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Op Eds

Bstroy Chooses Disrespect, We Still Choose Love

By Chloe A. Shawah
Chloe A. Shawah ’22, a Crimson Editorial editor, lives in Cabot House.

News of school shootings pierce in a uniquely nauseating way. Parents send their children, teens, and young adults off to school so that they can grow and learn for their bright futures — flawlessly innocent, perfectly defenseless. The act of robbing children of those futures, destroying that innocence, and taking advantage of such defenselessness is too evil and sickening to convey with words.

Also sickening are those who make any attempt to profit off of or sensationalize such a tragedy.

On September 15, a clothing brand named Bstroy released Instagram posts from a fashion show in New York launching some of their new items. Among the newly debuted items are four sweatshirts: one green with “Sandy Hook” written across the front, one light blue with the words “Stoneman Douglas,” one faded red with “Virginia Tech,” and one gray with “Columbine” in light blue letters.

All four sweatshirts are riddled with bullet holes.

I cannot fathom why the designers of those sweatshirts and the owners of the company, Dieter Grams and Brick Owens, thought that this stunt would be anything other than insensitive and disgusting.

Survivors and victims’ families were justifiably outraged by the sweatshirts. I cannot even imagine how appalling it must be for those affected by the tragedies to see their pain being marketed as a fashion statement. Beloved daughters, sons, siblings, and friends lost their lives to real-life bullet holes through their real-life clothing. For entire communities, these shootings were not a movie scene or a distant news peg; they are a reality that people must continue to grapple with today. To even create, much less market, these sweatshirts is disrespectful to the victims and to all who loved them. Even if Bstroy did not intend to sell the sweatshirts as they so claim, attempting to gain publicity or notoriety at the expense of others’ loss is despicable nonetheless.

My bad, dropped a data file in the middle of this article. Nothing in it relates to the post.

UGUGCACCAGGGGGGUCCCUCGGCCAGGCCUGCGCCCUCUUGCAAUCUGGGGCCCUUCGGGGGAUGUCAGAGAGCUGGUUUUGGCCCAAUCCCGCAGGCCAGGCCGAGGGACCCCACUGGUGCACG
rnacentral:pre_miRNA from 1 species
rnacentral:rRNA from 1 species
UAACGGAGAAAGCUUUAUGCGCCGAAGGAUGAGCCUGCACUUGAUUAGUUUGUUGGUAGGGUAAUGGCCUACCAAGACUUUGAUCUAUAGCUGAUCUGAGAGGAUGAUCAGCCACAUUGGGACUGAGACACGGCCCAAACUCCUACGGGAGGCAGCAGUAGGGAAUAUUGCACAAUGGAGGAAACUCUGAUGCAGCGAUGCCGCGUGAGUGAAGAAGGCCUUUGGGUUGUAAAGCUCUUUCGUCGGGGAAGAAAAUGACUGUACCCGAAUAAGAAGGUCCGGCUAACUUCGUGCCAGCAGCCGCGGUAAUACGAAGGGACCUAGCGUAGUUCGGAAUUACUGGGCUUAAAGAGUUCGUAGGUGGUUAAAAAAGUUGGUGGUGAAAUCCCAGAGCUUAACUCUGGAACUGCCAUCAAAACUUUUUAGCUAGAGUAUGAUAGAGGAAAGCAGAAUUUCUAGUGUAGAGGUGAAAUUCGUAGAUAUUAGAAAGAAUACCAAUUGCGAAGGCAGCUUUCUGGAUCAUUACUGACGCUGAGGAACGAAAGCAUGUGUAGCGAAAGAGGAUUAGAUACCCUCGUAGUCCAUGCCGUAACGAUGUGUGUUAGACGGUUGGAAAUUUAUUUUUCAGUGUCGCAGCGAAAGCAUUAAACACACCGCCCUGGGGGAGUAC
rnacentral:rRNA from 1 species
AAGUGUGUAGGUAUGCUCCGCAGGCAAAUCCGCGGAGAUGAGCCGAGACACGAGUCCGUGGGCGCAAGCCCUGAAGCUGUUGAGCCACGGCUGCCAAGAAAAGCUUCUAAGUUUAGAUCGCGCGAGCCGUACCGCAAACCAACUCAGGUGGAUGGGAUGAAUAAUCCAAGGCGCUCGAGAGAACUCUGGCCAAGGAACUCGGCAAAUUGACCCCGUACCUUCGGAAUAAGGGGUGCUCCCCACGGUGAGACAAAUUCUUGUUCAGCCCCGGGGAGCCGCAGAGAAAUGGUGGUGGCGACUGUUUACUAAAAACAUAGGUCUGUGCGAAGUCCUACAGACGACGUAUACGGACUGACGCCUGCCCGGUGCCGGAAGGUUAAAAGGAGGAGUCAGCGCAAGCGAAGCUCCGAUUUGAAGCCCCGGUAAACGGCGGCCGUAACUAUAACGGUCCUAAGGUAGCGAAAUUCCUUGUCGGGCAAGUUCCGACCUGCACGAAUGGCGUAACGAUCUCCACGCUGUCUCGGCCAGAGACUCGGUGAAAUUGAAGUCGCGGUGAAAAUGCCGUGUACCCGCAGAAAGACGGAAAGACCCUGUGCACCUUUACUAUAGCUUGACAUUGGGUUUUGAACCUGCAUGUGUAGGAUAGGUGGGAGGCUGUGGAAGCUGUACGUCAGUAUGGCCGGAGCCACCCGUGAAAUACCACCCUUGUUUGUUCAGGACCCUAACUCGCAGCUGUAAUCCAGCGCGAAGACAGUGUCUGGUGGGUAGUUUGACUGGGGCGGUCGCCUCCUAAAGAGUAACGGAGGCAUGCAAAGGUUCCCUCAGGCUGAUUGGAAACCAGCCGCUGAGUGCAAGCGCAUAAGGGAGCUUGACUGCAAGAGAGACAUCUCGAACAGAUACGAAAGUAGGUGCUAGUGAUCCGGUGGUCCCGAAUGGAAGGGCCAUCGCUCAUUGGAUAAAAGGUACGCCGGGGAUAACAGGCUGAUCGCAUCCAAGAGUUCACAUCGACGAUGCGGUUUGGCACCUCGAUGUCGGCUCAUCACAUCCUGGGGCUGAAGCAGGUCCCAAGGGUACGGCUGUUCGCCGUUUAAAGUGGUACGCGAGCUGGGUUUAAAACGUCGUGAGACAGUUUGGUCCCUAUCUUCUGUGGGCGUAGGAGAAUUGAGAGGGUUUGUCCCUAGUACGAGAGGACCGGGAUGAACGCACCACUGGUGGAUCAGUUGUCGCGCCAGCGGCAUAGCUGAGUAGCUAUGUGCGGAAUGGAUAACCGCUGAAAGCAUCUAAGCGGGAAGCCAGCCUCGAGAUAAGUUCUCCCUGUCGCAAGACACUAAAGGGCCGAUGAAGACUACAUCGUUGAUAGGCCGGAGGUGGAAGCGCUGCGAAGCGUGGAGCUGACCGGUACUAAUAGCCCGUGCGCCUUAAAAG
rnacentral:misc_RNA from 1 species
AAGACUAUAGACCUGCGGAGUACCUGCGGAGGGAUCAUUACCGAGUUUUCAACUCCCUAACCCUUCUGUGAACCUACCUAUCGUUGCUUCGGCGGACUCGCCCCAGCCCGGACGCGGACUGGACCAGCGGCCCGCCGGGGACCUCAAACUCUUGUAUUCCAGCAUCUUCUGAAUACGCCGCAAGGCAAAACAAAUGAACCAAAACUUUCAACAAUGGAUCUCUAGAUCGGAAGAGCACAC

I want to see the images taken off of Bstroy’s and Brick Owens’ Instagrams and I never want so much as a thread of one of those sweatshirts to be produced again. I want consumers to boycott Bstroy so they can never sell another article of clothing. In my rage and in my anger, I want the producers of these sweatshirts to know even just one ounce of the pain that those affected by the tragedies have to carry with them every day of their lives.

But then I take a step back and I remember the lessons I learned growing up in the town neighboring Sandy Hook. Their message is this: “We are Sandy Hook, We Choose Love.”

For Sandy Hook, the emphasis has never been on vengefulness, hatred, or bitterness. The community has preached, and continues to preach, kindness and empathy above all. Kindness and empathy, even in the face of evil and hatred.

For the one green sweatshirt on Bstroy’s Instagram, there are hundreds and hundreds of “Be Kind” necklaces worn around the country as a reminder to treat others with kindness. While Bstroy might be seeking to make a profit, there are charities and funds such as the Vicki Soto Memorial Fund, the CMAK Foundation, the Jesse Lewis Choose Love Foundation, and dozens of others dedicated to spreading kindness and combating violence in memory of the Sandy Hook angels. Sandy Hook is not alone in their resilience, as the communities surrounding Columbine, Marjory Stoneman Douglas, and Virginia Tech also preach messages of kindness and love despite the suffering that they too have experienced.

I urge you, the reader, to honor the victims of these tragedies by doing as their families ask: spread kindness. Spread kindness here at Harvard, spread it in your hometowns. Wear it on your sleeve, and take it with you everywhere you go. Use instances like Bstroy’s insensitivity to remind you of the work that needs to be done and how little acts of kindness by you and I can help move us in that direction.

Of course I still want the images of the sweatshirts to be taken down. But more than that, I want the voices preaching kindness and empathy to be heard far louder than the voices preaching disrespect and insensitivity.

Choose love.

Chloe A. Shawah ’22, a Crimson Editorial editor, lives in Cabot House.

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